The photos in this book were taken in June of 2008. Its four chapters cover the cities of Budapest, Krakow and Prague, and the death camps of Auschwitz-Birkenau. I start the city chapters with a brief photographic introduction of the city itself, and then concentrate on the Jewish heritage. In selecting these photos, I tried to pick those that reflect best the character of each city and its distinct Jewish history. The death camps are part of the landscape of Eastern Europe, and explain the absence of Jewish populations in Prague and Krakow. These cities had a vibrant and numerous Jewish community before World War II, a community that is now conspicuously absent in both of them. Budapest is a different story, as many Jews survived the War, even as most of the Jews killed in Auschwitz-Birkenau were Hungarian. So, both the vestiges of a vibrant culture in these cities and the empty barracks of the camps, bear witness to a chapter in our recent history that shall never be forgotten.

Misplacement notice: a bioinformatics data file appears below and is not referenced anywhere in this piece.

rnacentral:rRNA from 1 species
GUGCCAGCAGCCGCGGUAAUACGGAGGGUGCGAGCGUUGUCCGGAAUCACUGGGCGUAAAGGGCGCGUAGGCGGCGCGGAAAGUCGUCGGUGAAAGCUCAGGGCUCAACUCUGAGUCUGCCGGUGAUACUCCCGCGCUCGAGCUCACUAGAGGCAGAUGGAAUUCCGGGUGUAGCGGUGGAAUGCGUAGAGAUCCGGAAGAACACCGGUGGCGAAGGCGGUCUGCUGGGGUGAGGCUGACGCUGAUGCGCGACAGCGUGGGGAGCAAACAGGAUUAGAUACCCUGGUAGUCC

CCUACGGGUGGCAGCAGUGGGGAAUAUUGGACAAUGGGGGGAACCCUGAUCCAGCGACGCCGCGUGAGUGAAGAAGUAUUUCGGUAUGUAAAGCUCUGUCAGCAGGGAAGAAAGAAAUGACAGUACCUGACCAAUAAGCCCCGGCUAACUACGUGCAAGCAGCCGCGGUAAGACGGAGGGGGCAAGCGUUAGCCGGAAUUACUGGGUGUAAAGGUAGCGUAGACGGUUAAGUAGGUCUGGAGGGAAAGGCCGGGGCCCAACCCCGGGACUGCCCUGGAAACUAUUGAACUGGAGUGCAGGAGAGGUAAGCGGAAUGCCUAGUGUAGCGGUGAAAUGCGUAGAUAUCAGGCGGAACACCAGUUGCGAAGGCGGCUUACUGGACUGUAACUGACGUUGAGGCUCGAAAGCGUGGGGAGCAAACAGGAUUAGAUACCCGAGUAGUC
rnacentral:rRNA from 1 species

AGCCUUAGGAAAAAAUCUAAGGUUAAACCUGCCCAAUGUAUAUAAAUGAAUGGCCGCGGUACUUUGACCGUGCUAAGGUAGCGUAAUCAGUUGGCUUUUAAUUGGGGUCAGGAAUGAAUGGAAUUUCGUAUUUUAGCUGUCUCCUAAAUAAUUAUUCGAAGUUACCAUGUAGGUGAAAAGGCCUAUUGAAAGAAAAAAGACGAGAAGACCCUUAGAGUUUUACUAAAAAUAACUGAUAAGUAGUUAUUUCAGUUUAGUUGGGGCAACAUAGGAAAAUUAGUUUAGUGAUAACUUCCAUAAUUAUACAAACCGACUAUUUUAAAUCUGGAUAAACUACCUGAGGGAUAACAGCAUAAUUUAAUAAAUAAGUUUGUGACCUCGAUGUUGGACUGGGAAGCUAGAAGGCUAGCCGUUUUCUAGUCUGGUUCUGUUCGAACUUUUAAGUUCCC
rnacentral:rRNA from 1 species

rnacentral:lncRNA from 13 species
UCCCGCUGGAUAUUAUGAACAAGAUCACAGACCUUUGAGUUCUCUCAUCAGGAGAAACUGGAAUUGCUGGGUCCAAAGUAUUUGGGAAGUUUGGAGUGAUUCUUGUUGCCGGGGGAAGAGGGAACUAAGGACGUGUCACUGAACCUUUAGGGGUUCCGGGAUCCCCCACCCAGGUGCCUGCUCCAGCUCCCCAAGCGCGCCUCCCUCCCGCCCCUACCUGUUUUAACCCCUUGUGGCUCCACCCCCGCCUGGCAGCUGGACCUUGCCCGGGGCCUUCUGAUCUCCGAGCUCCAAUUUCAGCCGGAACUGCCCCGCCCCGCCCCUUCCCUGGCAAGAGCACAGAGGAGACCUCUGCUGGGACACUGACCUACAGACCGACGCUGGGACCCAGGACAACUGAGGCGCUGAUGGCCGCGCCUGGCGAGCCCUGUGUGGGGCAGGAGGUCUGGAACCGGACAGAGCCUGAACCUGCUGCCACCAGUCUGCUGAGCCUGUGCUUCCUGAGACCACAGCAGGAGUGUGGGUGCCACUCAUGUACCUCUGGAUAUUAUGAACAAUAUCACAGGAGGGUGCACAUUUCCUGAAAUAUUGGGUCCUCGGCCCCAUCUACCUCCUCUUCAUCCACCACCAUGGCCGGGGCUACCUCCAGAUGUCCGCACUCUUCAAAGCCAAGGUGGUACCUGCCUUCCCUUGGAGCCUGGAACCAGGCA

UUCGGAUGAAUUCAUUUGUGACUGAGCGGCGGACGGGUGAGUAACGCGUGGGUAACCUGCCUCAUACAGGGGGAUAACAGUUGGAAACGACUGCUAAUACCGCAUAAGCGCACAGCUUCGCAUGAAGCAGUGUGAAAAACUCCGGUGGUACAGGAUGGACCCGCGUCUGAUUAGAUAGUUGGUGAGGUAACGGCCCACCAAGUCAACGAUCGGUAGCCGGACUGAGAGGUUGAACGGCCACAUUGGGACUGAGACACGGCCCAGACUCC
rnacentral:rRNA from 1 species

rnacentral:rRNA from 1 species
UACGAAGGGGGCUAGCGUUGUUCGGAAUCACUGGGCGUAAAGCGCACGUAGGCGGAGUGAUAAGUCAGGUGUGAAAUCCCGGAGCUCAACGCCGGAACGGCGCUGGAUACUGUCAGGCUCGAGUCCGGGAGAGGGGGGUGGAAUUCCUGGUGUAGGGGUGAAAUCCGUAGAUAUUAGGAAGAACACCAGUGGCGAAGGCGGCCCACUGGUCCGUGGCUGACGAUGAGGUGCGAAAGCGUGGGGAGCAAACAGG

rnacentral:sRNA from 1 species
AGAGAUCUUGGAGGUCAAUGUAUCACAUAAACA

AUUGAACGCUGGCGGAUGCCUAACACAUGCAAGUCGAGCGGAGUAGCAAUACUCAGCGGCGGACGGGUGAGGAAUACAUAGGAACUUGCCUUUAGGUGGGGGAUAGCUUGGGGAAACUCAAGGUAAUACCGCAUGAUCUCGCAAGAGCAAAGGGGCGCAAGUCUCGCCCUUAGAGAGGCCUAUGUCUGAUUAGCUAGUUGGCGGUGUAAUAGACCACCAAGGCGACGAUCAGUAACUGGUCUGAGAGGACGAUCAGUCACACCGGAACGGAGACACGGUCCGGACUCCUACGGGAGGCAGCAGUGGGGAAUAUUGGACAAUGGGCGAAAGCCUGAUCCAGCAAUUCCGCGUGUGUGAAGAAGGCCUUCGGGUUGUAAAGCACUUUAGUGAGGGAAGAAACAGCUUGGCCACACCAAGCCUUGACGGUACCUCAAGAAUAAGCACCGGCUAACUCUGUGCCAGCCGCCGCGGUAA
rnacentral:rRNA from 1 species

I was born in Hungary of Jewish lineage, grew up in Argentina, and live currently in Tampa, Florida. I am what is called a "secular Jew," non-practicing and with very little religious education and just a few cultural traditions, In spite of this, I found myself profoundly attracted to the remnants of an ancient and now almost extinct Jewish tradition in Eastern Europe. Of course I have been deeply affected by the Holocaust, even though I was born three years after the end of World War II. My mother, still alive, is a survivor, having lost part of her family to the Holocaust. Like most survivors, up until recently she has been reluctant to talk about her experiences. A few years ago, she was interviewed in Buenos Aires, where she lives, by representatives of Steven Spielberg's Shoa Project, and I have a copy of the tape. On it, she finally opened up the spigot of her memories and emotions, in a way that she has never done before… (continues in the book).